You used to be my father. Although you are still in my life, I can’t see you as my dad now. I’ve always believed that forgiveness is not for those who need to be forgiven, but for those who need to do the forgiving. Hatred is a poison that rips apart your soul, and the only way to get rid of it is to forgive those you feel you hate. The things you have done are not as bad as the things you could have done, I suppose, but they are far from the things you SHOULD have done. I would expect those things from a horrible jerk. I can forgive you as a human being, but not as a father. I’ve been calling you by your first name in my head; I haven’t seen you as Dad in years.
Family is who you feel closest to in your heart. Blood means nothing, though you would disagree. You have a right to your own opinion, but don’t expect me to accept it.
You say you never try to talk to me now because I don’t talk to you. I won’t complain that you don’t contact me because I don’t WANT to talk to you. However I propose this argument: It was YOU who walked out first, not me. You quit our family several years before you actually physically left. You even admitted to that. Please don’t blame me for something you started.
No, you’re not a “dead beat” like some dads. You pay Mom child support and maintenance (most days) like you should. But fatherhood is more than just money. All you really see now is money, so I don’t expect you to understand. There was a time when you did understand. Your parenting methods were flawed from the beginning, but at least back then you would pay attention to your children. You actually seemed to care back then. Now you’re just a robot when it comes to your kids.
Someone once told me “at least you have a dad.” His dad had walked out on him when he was just a baby. It made me wonder which was worse: not having a dad at all and not knowing what you were missing, having a dad who walked out on you at some point in your childhood (never to be seen again), or my situation of having a dad who just gave up halfway through childhood and stayed around long enough to have two more kids to screw up and be 1/4 the parent he needed to be when it was convenient for him. I know I’m too close to the situation to give a purely unbiased answer, but I feel like the last option is the worst. If your dad leaves before you even know him, then you don’t really know what you’re missing out on. If he leaves and never comes back that’s gonna hurt like hell, but it gives you plenty of time to recover. You don’t have to worry about him coming back to hurt you again. But if he doesn’t fully leave and he isn’t worried about his kids unless it’s convenient for him, then he’s poking nonstop holes into the fabric of stability you’re trying to create. It would be one thing if he even talked to the kids when it wasn’t his time with them, but he doesn’t. He gets them every other weekend during the school year, and every other week during the summer. If it’s not his time he’s too busy living his own life with his girlfriend and seemingly unconcerned with his children.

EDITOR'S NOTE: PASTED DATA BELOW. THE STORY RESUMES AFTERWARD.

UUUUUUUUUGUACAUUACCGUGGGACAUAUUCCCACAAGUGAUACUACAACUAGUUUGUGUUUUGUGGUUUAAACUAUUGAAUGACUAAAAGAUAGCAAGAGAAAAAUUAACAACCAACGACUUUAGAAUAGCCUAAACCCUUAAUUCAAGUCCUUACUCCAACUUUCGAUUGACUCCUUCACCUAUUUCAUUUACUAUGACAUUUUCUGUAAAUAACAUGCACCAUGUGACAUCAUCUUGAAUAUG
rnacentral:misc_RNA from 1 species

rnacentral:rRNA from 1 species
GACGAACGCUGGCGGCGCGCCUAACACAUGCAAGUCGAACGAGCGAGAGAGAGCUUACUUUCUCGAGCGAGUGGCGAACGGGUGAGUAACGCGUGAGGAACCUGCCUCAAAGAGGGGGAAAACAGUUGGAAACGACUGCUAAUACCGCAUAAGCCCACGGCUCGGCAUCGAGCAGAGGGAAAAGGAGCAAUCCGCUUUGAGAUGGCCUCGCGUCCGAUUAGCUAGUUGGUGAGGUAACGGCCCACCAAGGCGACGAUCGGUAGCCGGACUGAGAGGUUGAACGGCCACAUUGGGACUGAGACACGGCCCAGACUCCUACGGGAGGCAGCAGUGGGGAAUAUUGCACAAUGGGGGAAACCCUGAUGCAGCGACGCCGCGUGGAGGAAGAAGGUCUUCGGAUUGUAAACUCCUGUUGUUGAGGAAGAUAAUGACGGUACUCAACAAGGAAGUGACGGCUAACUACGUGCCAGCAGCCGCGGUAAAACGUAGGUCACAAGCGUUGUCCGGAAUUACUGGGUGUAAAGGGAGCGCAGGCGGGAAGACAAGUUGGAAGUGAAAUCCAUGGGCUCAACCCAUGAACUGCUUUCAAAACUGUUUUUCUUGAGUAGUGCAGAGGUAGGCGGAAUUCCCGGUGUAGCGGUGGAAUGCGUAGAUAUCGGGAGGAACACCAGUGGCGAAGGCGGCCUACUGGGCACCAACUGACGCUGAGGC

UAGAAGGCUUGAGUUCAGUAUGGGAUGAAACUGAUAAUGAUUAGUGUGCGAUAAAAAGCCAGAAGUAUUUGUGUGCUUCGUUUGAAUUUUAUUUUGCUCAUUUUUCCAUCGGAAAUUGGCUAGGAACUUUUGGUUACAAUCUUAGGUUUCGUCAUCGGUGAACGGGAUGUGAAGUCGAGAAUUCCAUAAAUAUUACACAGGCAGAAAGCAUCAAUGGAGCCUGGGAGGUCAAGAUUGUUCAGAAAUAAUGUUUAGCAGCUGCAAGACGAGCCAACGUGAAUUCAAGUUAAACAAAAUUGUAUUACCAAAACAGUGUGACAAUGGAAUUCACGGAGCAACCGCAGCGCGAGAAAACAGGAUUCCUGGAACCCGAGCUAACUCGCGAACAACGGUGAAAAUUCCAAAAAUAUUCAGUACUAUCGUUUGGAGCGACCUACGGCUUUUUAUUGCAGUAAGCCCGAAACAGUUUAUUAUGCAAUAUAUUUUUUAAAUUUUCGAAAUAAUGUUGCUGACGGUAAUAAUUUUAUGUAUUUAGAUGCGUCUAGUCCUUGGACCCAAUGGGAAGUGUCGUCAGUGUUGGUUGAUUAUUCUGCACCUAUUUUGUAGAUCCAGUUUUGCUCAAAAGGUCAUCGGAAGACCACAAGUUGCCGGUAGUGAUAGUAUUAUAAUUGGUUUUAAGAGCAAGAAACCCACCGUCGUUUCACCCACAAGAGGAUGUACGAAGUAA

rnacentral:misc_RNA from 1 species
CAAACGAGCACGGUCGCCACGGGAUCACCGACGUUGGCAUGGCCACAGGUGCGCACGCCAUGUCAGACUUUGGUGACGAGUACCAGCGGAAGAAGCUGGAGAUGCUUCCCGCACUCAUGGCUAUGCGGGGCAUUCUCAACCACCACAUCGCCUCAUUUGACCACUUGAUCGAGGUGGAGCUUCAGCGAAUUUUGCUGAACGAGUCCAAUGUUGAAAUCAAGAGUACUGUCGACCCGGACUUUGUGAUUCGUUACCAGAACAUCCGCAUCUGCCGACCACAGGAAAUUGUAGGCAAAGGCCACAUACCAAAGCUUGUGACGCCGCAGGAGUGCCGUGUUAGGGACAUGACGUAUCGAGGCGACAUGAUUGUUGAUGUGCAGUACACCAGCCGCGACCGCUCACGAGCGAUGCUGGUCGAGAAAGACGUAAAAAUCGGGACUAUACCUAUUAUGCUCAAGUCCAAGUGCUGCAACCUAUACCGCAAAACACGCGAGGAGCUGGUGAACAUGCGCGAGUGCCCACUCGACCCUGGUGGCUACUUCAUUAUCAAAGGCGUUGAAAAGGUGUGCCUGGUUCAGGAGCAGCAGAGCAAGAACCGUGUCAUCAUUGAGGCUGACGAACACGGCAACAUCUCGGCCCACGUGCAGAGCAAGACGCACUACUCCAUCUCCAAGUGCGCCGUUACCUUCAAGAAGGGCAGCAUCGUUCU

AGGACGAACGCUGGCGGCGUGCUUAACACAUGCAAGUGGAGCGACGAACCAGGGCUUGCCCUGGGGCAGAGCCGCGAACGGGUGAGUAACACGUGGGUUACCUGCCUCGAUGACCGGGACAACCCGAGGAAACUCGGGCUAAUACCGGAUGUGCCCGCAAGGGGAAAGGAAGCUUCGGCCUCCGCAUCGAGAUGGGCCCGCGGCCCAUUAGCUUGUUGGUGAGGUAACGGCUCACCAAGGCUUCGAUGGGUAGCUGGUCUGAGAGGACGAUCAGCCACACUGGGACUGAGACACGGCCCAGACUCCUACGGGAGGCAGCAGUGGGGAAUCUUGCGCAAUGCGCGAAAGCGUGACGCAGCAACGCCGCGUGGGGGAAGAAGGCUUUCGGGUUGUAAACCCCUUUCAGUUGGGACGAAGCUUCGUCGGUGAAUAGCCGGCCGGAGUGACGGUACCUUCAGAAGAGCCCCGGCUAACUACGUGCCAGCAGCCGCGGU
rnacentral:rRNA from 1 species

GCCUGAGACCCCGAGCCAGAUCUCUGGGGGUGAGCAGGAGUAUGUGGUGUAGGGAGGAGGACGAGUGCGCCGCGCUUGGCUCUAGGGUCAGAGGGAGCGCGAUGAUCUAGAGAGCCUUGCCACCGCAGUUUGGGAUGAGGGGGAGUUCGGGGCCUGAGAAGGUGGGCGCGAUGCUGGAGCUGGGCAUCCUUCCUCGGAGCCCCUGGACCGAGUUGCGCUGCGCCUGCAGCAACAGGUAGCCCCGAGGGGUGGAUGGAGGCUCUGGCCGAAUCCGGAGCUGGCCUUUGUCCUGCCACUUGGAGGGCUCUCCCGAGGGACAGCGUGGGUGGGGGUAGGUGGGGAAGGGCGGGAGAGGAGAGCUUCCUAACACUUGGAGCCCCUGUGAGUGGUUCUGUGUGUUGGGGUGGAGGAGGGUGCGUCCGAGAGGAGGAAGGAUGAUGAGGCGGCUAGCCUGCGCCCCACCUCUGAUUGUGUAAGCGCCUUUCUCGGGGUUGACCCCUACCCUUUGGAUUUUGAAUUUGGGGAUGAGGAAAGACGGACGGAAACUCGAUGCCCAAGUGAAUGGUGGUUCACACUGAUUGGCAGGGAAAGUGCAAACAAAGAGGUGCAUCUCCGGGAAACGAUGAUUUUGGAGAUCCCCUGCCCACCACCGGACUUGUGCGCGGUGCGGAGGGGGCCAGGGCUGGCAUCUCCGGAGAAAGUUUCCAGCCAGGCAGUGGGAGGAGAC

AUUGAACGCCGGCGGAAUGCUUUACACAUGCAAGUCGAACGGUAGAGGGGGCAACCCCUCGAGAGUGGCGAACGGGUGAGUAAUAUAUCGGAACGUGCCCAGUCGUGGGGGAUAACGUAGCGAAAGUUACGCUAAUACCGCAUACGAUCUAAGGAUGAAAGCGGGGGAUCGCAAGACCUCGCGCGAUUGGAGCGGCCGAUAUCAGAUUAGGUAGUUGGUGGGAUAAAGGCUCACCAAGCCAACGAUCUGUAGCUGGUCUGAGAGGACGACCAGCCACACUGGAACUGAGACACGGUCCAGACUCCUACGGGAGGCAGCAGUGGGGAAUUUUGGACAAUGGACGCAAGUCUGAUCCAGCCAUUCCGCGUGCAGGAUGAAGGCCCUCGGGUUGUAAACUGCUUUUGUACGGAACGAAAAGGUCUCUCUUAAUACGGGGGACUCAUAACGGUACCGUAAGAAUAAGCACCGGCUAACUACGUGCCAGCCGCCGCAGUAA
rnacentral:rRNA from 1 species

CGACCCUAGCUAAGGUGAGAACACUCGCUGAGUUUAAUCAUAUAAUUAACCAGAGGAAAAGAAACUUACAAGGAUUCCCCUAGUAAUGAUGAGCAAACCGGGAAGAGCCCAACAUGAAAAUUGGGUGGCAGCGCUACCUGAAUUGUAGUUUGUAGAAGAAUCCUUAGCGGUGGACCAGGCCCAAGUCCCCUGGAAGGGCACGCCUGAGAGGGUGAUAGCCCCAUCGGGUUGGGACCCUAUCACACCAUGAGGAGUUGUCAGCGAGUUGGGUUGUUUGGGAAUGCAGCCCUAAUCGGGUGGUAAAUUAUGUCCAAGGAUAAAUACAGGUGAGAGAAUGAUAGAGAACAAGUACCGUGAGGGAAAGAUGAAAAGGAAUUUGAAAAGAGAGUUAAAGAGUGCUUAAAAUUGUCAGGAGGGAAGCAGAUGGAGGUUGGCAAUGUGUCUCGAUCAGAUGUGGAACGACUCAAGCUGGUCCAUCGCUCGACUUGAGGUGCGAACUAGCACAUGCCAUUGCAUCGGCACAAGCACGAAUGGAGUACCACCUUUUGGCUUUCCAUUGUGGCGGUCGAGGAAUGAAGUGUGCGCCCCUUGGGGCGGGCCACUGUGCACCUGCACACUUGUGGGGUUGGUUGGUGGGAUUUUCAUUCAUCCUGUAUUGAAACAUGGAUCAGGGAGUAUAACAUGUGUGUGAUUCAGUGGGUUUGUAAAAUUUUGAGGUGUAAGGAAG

It wouldn’t be so bad if it was just us older ones, but the younger kids still need a dad. Me and K can handle ourselves. Even R is tired of your half-assed attempts at fatherhood. J and E are still little enough to need you, but it won’t be for long. E is the youngest and she is starting middle school. You’re almost out of time. You’re making the same mistakes with them that you did with me, K, and R. The only difference is that you’re starting earlier with J and E. They don’t have the memories that K and I do of you being a decent dad to look back on. You don’t have as much of a chance for forgiveness with them.
You can’t salvage the relationship you have with us three older kids. The best you and I will have is what I call “close strangers;” it feels kind of like ex-friends who keep running into each other. You’ve completely trashed your relationship with K. You broke her heart when you told her it was her fault you and Mom were getting a divorce. Even worse you sank any hope of recovering from that disaster after you pushed your fist into her chest so she’d have a hard time breathing. You may have convinced yourself you did nothing wrong, but when you heard me running up the stairs to check out the screaming you backed off pretty quickly. Why would you do that if you did nothing wrong? Needless to say K will never forgive you, which saddens me because she’ll have that hatred in her heart for the rest of her life. R’s relationship with you is tricky. His father-son relationship to you borders between the relationship that you and I have, and the relationship you and K have. Either way he wants as little to do with you as possible. Although he is a teenager right now and he may forgive you a little more down the road. J is naive and he doesn’t understand yet. He’s probably the only one of your 5 kids you have a real relationship with at the moment. E caught on when you refused to come to J’s birthday party because Mom wouldn’t let you bring your girlfriend. She has a lot of anger towards you, but she’s still afraid of you. So you still have some control over E and J, which should make you happy. After all, that’s why you did a lot of what you did. You have control issues. I’m not saying that it justifies all the things you did as a parent or a person, but it helps me understand a little bit.